I’ve written before about attempts in Canada to create more separation between university teaching, on the one hand, and university research, on the other. In 2009, I wrote this opinion piece about an attempt by five university presidents to each acquire a larger share of university research dollars. And last year, I blogged here about […]

Discussing Quebec Student Protests on Talk Radio

Last Friday, I blogged here about the Quebec student protests.  Subsequently, I was invited to appear on 580 CFRA News Talk Radio, with hosts Rob Snow and Lowell Green. I should note that Mr. Green is the author of several books, including: -How the Granola Crunching, Tree Hugging Thug Huggers are Wrecking our Country; -Mayday […]

McGuinty Budget Would Cut Over 100,000 Jobs

Last week, the Ontario Public Service Employees Union released an interesting report by the Centre for Spatial Economics on the economic impact of proposed provincial budget cuts. It provides a timely reminder that the public sector is a crucial component of the economy, with public spending also supporting many private-sector jobs. The Centre for Spatial Economics […]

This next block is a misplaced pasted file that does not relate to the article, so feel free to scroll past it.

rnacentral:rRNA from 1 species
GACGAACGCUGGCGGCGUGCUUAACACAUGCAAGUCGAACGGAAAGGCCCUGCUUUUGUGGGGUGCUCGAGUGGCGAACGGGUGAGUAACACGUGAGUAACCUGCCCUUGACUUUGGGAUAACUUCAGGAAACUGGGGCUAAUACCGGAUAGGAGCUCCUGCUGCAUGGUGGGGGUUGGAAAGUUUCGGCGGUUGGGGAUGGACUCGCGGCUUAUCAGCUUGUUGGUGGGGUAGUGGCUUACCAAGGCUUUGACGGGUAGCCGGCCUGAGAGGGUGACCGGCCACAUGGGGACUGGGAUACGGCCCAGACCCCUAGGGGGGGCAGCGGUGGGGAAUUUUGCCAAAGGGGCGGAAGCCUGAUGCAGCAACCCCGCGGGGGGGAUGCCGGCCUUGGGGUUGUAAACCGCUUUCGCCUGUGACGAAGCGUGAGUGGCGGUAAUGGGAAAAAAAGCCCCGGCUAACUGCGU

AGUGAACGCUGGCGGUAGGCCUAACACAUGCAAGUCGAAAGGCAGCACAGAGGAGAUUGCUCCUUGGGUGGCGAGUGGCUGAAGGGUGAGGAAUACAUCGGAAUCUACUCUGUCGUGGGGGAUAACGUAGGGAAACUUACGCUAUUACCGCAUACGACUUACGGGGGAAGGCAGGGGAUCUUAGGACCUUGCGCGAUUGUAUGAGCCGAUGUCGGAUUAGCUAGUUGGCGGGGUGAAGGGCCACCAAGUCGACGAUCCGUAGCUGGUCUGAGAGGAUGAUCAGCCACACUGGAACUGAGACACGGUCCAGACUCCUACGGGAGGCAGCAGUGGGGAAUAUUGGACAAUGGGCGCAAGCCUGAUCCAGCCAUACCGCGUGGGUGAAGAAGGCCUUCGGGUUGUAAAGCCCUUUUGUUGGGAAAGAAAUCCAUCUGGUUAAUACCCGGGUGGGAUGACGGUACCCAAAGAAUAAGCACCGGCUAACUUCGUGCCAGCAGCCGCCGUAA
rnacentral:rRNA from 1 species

Neil Reynolds’ Fuzzy Tax Math

If you need help with your tax return, don’t ask Neil Reynolds. His latest attack on the New Democrat proposal to collect modestly more tax from Ontario’s super-rich stated that “the province’s highest marginal rate on personal income would rise, federal and provincial rates combined, from 46.4 per cent to 49.4 per cent – meaning that […]

Deflating the Monetary Hawks